First Year Lab Rotations (BSP Program):
Rotation 1: Xiao-Jing Wang's Lab (2010): Dr. Wang’s laboratory focuses on the study of head & neck squamous cell carcinomas and one of the lab’s main research interest is understanding the molecular mechanisms of head & neck cancer including the properties of cancer stem cells. During my rotation I investigated how increased Sox2 expression in cancer stem cells promotes more aggressive growth and enhances metastasis behavior of tumors cells.
Rotation 2: Linda Barlow's Lab (2011): The Barlow lab research focuses on the development of the taste system and the cellular and molecular mechanisms that are essential for proper formation of this system; which is one of our basic senses and provides distinct information on the nutritional content and safety of ingested food. My rotation project consisted in investigating the postnatal fate of a novel taste cell present in embryonic taste papillae.
Rotation 3: Vivek Balasubramaniam's Lab (2011): Bronchopulmonary dysplasia (BPD) is a chronic lung disease that includes oxygen toxicity and mechanical ventilation of premature infants. To date the mechanisms that impair lung vascular and alveolar growth in BPD or those that enhance recovery are uncertain. During my rotation I study one mechanism of vascular growth using endothelial progenitor cells (EPCs) and the role that the Notch signaling pathway has in EPCs growth.
Thesis Advisor: Linda Barlow
Honors and Awards:
Fullbright Scholar, 2008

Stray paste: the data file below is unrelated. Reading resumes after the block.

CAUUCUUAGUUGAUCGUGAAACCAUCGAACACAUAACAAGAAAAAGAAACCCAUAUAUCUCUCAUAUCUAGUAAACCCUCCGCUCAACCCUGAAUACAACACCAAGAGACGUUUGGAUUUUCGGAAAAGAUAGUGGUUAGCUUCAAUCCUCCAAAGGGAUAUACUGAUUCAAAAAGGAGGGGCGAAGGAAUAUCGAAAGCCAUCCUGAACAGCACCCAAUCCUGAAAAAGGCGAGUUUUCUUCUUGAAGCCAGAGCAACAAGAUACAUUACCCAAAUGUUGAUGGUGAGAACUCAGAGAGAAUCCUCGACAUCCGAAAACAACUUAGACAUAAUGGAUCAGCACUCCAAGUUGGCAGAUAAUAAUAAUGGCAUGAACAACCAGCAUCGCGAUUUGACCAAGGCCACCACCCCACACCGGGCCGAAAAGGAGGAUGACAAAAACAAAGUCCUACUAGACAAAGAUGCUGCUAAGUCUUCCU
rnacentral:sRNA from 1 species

Barsa Scholar, 2008
Member of Gamma Beta Phi National Honors Society and Golden Key International Honour Society
Singh, M., Castillo, D., Patel, C. V., and Patel, R. C. (2011). Stress-Induced Phosphorylation of PACT Reduces Its Interaction with TRBP and Leads to PKR Activation. Biochemistry 50, 4550–4560.
Masters of Science, Biotechnology, University of South Carolina, Columbia, SC, 2010.
Bachelor of Science, Biology, University of Costa Rica, San Jose, Costa Rica, 2007.
Why did you decide to pursue a Ph.D. in Cell Biology, Stem Cells and Development?
The process that stem cells undergo to achieve differentiation intrigued me. By understanding the cascade of events that takes place, we aim to become capable of manipulating their destiny, redirecting them towards specific cell types. Though, my objectives stretch past stem cells to areas of microenvironment reproduction. The possibilities within this area of research are nearly limitless, further driving my desire to be at the interdisciplinary forefront of this dynamic field.
Why did you choose CU's Anschutz Medical Campus?
I chose CU’s Anschutz Medical Campus because is a unique collaborative environment, with a focus on diversity, a vibrant student body, interdisciplinary collaboration and with cutting edge laboratories and research facilities. I was confident that it would offer a profound unparalleled interdisciplinary training that would enable me to succeed as a graduate student and researcher. In addition, the opportunity that I would have to work and participate in research of nationally and internationally known scientists would help shape me as an individual and professional.
What has been the biggest surprise to you since arriving at AMC?
The interaction between faculty and students and the collaborations between different labs creates an amazing creative environment where different perspectives and novel solutions converge.
Where did you grow up?
When did you start the graduate program at Anschutz Medical Campus?
Fall, 2010, as a Biomedical Sciences Program (BSP) student, and this past summer, 2011, as a CSD student.
What do you do for fun?
I like to play soccer, surfing/bodyboarding, snowboarding, running and several other sports. Also going out with friends and just having a good time.
What do you like about living in Colorado?
Outdoor sports (definitely snowboarding!). The music scene is great, as well as the diversity of people.
What do you like about the Anschutz Medical Campus?
First of all the people, they are friendly, open minded and easy to talk to. Also the installations are amazing and they are always thinking of expanding.